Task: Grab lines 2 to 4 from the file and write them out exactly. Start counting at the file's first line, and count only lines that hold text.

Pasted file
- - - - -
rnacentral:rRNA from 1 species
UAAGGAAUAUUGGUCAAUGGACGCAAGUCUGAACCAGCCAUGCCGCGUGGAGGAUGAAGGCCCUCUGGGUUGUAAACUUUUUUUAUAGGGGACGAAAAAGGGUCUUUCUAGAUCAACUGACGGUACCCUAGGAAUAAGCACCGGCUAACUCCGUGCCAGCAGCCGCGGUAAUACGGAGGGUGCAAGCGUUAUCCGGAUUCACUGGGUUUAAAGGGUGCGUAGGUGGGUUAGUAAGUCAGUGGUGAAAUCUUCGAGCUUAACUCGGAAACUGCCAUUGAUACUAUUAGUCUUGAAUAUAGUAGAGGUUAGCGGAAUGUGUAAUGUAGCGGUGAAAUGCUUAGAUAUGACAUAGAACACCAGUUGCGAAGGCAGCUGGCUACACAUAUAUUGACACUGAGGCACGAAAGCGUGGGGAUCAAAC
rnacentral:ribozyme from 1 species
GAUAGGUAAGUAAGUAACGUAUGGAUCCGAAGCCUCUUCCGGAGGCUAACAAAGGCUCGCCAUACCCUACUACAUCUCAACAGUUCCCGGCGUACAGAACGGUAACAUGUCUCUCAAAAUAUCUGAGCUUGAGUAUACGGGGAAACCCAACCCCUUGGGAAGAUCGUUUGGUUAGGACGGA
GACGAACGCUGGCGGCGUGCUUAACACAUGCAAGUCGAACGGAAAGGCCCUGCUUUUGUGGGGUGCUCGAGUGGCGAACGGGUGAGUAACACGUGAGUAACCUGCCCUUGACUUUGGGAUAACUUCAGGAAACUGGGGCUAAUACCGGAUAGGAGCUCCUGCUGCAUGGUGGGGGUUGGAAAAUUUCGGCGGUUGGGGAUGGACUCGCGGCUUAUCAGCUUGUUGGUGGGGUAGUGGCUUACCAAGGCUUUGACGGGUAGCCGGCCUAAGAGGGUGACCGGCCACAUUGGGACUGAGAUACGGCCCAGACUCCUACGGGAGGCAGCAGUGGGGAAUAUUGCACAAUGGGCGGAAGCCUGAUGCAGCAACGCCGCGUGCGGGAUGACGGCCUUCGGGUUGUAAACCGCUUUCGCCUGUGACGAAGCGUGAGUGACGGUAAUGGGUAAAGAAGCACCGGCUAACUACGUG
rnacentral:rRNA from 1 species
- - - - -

UAAGGAAUAUUGGUCAAUGGACGCAAGUCUGAACCAGCCAUGCCGCGUGGAGGAUGAAGGCCCUCUGGGUUGUAAACUUUUUUUAUAGGGGACGAAAAAGGGUCUUUCUAGAUCAACUGACGGUACCCUAGGAAUAAGCACCGGCUAACUCCGUGCCAGCAGCCGCGGUAAUACGGAGGGUGCAAGCGUUAUCCGGAUUCACUGGGUUUAAAGGGUGCGUAGGUGGGUUAGUAAGUCAGUGGUGAAAUCUUCGAGCUUAACUCGGAAACUGCCAUUGAUACUAUUAGUCUUGAAUAUAGUAGAGGUUAGCGGAAUGUGUAAUGUAGCGGUGAAAUGCUUAGAUAUGACAUAGAACACCAGUUGCGAAGGCAGCUGGCUACACAUAUAUUGACACUGAGGCACGAAAGCGUGGGGAUCAAAC
rnacentral:ribozyme from 1 species
GAUAGGUAAGUAAGUAACGUAUGGAUCCGAAGCCUCUUCCGGAGGCUAACAAAGGCUCGCCAUACCCUACUACAUCUCAACAGUUCCCGGCGUACAGAACGGUAACAUGUCUCUCAAAAUAUCUGAGCUUGAGUAUACGGGGAAACCCAACCCCUUGGGAAGAUCGUUUGGUUAGGACGGA